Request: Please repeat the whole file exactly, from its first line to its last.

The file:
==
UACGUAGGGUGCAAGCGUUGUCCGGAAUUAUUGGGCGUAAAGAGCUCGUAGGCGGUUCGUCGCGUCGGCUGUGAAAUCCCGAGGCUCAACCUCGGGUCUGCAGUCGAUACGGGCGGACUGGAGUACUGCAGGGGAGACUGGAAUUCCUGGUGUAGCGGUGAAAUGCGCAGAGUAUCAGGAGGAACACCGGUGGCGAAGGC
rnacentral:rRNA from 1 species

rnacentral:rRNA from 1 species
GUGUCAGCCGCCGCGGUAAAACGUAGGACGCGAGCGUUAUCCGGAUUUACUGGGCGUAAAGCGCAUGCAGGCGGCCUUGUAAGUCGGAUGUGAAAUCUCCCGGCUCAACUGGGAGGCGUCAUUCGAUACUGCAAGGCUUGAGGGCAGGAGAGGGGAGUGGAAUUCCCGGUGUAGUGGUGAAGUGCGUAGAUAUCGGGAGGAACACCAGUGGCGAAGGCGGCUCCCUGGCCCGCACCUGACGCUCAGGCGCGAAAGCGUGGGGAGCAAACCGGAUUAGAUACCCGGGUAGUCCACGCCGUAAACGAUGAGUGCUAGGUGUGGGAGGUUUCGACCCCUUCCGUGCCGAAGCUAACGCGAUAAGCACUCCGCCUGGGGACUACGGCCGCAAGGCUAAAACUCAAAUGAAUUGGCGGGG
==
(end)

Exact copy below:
UACGUAGGGUGCAAGCGUUGUCCGGAAUUAUUGGGCGUAAAGAGCUCGUAGGCGGUUCGUCGCGUCGGCUGUGAAAUCCCGAGGCUCAACCUCGGGUCUGCAGUCGAUACGGGCGGACUGGAGUACUGCAGGGGAGACUGGAAUUCCUGGUGUAGCGGUGAAAUGCGCAGAGUAUCAGGAGGAACACCGGUGGCGAAGGC
rnacentral:rRNA from 1 species

rnacentral:rRNA from 1 species
GUGUCAGCCGCCGCGGUAAAACGUAGGACGCGAGCGUUAUCCGGAUUUACUGGGCGUAAAGCGCAUGCAGGCGGCCUUGUAAGUCGGAUGUGAAAUCUCCCGGCUCAACUGGGAGGCGUCAUUCGAUACUGCAAGGCUUGAGGGCAGGAGAGGGGAGUGGAAUUCCCGGUGUAGUGGUGAAGUGCGUAGAUAUCGGGAGGAACACCAGUGGCGAAGGCGGCUCCCUGGCCCGCACCUGACGCUCAGGCGCGAAAGCGUGGGGAGCAAACCGGAUUAGAUACCCGGGUAGUCCACGCCGUAAACGAUGAGUGCUAGGUGUGGGAGGUUUCGACCCCUUCCGUGCCGAAGCUAACGCGAUAAGCACUCCGCCUGGGGACUACGGCCGCAAGGCUAAAACUCAAAUGAAUUGGCGGGG